" us it was nice flashback to those weird 70s Euro sci-fi movies. A return to those truly designed and really beautiful-looking science fiction movies."

And that obviously changed a lot by the time the movie came out, but that was certainly there as an initial intent.

I think we thought a lot about fantasy movies, too, because in a way it's science fiction but in a way it's fantasy, like Alice in Wonderland. And Samurai movies were an influence as well.

In the ideas, and the look, or...?

Well, yeah, and also in the quietness and stoicism of the lead character, and the fact that she's struggling with her own kind of belief system throughout the movie.

When you revisited the film again to do the commentary for the DVD, what went through your mind as far as any changes they'd made to your original intentions? I know in the commentary you referred to how some of the scenes were shortened down, for instance...

[Matt:] We knew what was coming in a way, we'd seen enough cuts so when we saw the final final cut it wasn't too much of a surprise. I think for me, some of that is where a lot was lost in some of those scenes that were shortened and therefore become more general rather than personal. And so you end up with, at times, things that seem a little more stock than they were intended to be.

[Phil:] For my part, I think you can see when you watch the movie in the cut that it is you can definitely intuitively look at it and see what we were trying to get at, and what Karyn [Kusama] was trying to get at. Again, I think there's a director's cut that's about 25 minutes longer out there somewhere that really is a very different feel of a movie. Less the particulars of the plot, which definitely remains the same, although there were some giant beats that were lost or changed, but the tone of what it was trying to be: an ambitious epic science fiction romance. There are definitely elements of that in the film as it is, but it now plays much more like an action movie set in the future.

And there are some very good reasons that people want that kind of thing versus the other. But to answer your original question, in watching it again, doing the commentary we try to point out to people information, saying look you can watch this movie and maybe with this extra information it will answer some questions for you.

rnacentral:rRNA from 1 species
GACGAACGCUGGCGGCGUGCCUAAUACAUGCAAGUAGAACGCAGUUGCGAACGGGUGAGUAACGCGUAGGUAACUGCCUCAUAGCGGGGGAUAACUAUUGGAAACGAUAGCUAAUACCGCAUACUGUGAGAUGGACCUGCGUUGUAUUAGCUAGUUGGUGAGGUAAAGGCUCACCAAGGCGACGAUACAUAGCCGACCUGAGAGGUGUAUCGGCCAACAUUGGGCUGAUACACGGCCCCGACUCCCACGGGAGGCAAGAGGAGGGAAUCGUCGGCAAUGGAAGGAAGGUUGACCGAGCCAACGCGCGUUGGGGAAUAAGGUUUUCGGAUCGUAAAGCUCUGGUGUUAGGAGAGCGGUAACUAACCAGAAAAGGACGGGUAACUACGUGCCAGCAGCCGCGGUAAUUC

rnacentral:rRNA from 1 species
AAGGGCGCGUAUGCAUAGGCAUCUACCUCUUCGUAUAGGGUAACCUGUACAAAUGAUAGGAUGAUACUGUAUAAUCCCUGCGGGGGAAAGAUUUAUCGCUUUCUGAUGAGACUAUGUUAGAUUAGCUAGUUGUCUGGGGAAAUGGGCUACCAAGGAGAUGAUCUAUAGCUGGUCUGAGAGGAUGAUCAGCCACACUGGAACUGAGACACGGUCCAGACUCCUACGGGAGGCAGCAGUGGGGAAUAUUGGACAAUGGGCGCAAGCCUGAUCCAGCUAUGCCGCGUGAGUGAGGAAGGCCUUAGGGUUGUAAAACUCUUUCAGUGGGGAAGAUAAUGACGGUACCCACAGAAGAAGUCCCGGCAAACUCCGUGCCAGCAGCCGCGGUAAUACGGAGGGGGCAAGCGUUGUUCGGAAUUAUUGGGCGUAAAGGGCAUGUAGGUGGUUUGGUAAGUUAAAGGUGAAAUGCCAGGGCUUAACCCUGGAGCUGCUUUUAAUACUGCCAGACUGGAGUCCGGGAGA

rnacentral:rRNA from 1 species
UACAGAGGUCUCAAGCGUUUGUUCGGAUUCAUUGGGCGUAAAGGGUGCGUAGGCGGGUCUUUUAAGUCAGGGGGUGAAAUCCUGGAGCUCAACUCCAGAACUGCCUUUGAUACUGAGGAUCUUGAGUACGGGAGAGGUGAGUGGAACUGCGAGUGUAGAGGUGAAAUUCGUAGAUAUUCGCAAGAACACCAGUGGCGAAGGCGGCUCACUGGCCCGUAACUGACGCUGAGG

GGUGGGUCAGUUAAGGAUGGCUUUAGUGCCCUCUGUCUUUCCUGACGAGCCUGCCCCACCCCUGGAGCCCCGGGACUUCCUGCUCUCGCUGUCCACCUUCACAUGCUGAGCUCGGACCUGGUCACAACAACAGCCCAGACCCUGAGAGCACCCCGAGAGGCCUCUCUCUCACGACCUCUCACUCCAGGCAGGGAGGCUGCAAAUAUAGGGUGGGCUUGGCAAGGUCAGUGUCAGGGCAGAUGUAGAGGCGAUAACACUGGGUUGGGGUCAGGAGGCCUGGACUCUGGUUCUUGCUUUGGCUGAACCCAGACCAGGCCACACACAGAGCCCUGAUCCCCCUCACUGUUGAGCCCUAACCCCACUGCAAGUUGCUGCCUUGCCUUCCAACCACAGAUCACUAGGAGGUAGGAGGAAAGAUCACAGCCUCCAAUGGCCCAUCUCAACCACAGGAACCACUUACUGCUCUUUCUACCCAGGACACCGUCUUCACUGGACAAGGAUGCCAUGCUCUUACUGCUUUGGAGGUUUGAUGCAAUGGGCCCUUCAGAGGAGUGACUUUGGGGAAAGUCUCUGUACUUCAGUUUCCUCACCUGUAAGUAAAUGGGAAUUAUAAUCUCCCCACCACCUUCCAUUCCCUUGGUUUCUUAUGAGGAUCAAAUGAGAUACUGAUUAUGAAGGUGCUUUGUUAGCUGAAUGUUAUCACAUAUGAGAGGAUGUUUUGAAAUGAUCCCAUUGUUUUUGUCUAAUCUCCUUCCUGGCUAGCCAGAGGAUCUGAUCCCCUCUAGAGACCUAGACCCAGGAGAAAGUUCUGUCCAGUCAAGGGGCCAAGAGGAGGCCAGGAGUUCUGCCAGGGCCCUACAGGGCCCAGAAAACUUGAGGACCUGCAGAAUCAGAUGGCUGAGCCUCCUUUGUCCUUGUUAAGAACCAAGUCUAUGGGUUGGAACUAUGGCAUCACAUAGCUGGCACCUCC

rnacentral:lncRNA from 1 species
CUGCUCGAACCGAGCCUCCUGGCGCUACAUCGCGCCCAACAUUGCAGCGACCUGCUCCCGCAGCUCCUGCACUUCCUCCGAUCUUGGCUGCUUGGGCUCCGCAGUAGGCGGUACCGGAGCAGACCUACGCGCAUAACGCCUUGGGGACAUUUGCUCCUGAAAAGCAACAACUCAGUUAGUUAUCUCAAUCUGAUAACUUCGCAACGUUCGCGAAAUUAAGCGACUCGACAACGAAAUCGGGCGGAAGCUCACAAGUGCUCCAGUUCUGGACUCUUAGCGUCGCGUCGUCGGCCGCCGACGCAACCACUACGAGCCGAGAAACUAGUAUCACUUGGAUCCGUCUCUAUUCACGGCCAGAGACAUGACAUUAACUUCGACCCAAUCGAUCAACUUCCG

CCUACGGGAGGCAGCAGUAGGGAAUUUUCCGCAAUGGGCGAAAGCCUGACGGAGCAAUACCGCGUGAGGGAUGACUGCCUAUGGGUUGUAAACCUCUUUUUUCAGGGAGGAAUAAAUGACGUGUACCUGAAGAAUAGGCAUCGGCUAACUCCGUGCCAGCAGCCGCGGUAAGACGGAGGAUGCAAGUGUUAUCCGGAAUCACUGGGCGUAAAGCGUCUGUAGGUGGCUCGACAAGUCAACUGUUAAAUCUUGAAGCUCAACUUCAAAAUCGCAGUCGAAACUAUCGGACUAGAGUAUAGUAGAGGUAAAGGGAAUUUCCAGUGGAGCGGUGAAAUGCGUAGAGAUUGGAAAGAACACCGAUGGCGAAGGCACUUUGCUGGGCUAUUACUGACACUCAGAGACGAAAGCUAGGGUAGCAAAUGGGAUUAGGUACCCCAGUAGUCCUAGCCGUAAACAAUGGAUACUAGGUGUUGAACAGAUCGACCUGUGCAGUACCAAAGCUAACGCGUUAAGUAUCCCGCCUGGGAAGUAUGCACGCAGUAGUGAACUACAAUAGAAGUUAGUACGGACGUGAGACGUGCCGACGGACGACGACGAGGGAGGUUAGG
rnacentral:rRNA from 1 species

So there might be a director's cut out at some point?

It depends on how this release does, but we would love to see it out there. This cut definitely has merit and we're very proud of it but we'd be psyched to see the original intent of what Karyn was trying to do. People who already love the movie will still love it and people who have more problems with it might have their questions answered a little bit.

In that commentary, you both talked about the voice-over at the beginning of the film. I know as a screenwriter myself how much debate there is about using VO, mostly to avoid it when possible, but there are also times when it's useful. Can you talk about that debate?

It was always going to be included in some form or another. The goal was just to keep it as brief as possible. We did have an entirely different set of images that were going to accompany it, that would hopefully take away from the need for direct explanation. As the movie evolved, there were a lot of notes focusing on "clarity, clarity, clarity." So you're asked to make things a little more literal.

Originally, the opening voice-over was both to give information and to set a tone. The idea of actual title cards came in very late. That was never the idea. The idea was Charlize would do voice-over that allowed you to get inside the head of her character and at the same time learn about this society. And that did change quite a bit.

When you write an action script, do you consciously think of how long each scene is - as in, "Okay it's two pages now, that's too long" - while you're writing it?

Structurally, there are some rules that come organically out of good storytelling. Usually when we write stuff, we try to ballpark in our head how long scenes are going to be, and try to hit that mark so the script reads quickly and isn't too bloated in some spots and two quick in others. We learned a lot writing this script because we were pretty involved in the production and involved in trying to solve problems. Sometimes you realize that you've written a ton of action scenes but what the movie needs at a certain moment is to rest from the action scene that just came, and not go right into the next one. And you can only sometimes know that by the time the film is being storyboarded.

In this movie we had the interesting challenge of trying sometimes to rewrite action to fit into budget, and specific spaces and locations in Berlin. That was really fun, actually, to be involved and try to solve specific production problems.

[Matt:] It also is a challenge in terms of actually physically writing down the action of an action scene, because if you try to write out the choreography of every hit or punch or gunshot, it can get so long. There's a balance between trying to be clear, to write an exciting action scene, and also trying to trust the director to take it his or her own way.

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"We knew what was coming"
"It's about the long haul."

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Craig Phillips
GreenCine editor Craig Phillips holds a Master's from the California College of the Arts, and is working on a book of short stories. He has also written numerous articles for the Web and several screenplays, one of which is currently attached to an indie director and is in the casting stage. He has his own blog, too, and knows the air-speed velocity of an unladen swallow.